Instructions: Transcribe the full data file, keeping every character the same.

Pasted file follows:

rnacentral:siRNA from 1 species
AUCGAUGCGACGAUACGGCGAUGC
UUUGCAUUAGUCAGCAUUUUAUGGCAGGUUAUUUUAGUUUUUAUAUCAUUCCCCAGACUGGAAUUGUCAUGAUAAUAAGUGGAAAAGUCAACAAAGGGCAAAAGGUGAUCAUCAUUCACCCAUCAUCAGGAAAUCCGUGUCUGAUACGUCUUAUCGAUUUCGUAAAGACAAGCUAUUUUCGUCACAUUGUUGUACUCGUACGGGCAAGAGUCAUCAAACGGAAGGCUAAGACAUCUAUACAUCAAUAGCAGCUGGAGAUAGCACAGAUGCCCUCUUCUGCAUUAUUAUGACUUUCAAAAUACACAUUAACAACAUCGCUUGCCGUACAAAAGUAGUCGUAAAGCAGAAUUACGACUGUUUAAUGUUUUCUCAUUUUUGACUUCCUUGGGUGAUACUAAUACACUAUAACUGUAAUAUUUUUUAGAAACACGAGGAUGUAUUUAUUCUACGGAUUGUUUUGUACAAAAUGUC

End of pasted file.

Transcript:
rnacentral:siRNA from 1 species
AUCGAUGCGACGAUACGGCGAUGC
UUUGCAUUAGUCAGCAUUUUAUGGCAGGUUAUUUUAGUUUUUAUAUCAUUCCCCAGACUGGAAUUGUCAUGAUAAUAAGUGGAAAAGUCAACAAAGGGCAAAAGGUGAUCAUCAUUCACCCAUCAUCAGGAAAUCCGUGUCUGAUACGUCUUAUCGAUUUCGUAAAGACAAGCUAUUUUCGUCACAUUGUUGUACUCGUACGGGCAAGAGUCAUCAAACGGAAGGCUAAGACAUCUAUACAUCAAUAGCAGCUGGAGAUAGCACAGAUGCCCUCUUCUGCAUUAUUAUGACUUUCAAAAUACACAUUAACAACAUCGCUUGCCGUACAAAAGUAGUCGUAAAGCAGAAUUACGACUGUUUAAUGUUUUCUCAUUUUUGACUUCCUUGGGUGAUACUAAUACACUAUAACUGUAAUAUUUUUUAGAAACACGAGGAUGUAUUUAUUCUACGGAUUGUUUUGUACAAAAUGUC